The Jeep story began 79 years ago. At around the time Enzo Ferrari and Alfa Romeo conclusively parted ways, the United States Department of War sought to commission the design of a rugged reconnaissance vehicle for duties in febrile Europe.
Out of more than 130, just two companies, Willys-Overland and Bantam, stepped up, and it was the latter’s BRC 40 that formed the basis of not only a bona fide military icon but also, with the advent of the CJ-1 just four years later, an enduring post-war civilian sales success.
The JL is the fourth generation of this remarkable machine since the ‘Wrangler’ name was first applied to the recipe in 1986, and it is the subject of this week’s road test. In the time it has taken the model to make it across the Atlantic and into British dealerships, more than 240,000 have already been sold in North America, making it the most popular Wrangler to date and something of a global commercial powerhouse for its Fiat Chrysler Automobiles parent company.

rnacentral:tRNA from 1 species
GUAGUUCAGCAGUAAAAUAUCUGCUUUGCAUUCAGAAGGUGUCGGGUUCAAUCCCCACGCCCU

Early indications are that Jeep’s improvements to the cabin ambience and more frugal engine line-up are largely to thank for this, though there is one other factor that can’t be overlooked: brand.
To succeed, any new Wrangler needs to radiate its Rubicon Trail-conquering capabilities at a standstill, which is why Jeep has altered the model’s aesthetic only tentatively. And yet with the JL more than any previous generation, the real challenge has been not only to maintain and enhance this aura but also make the car a far more amenable daily companion.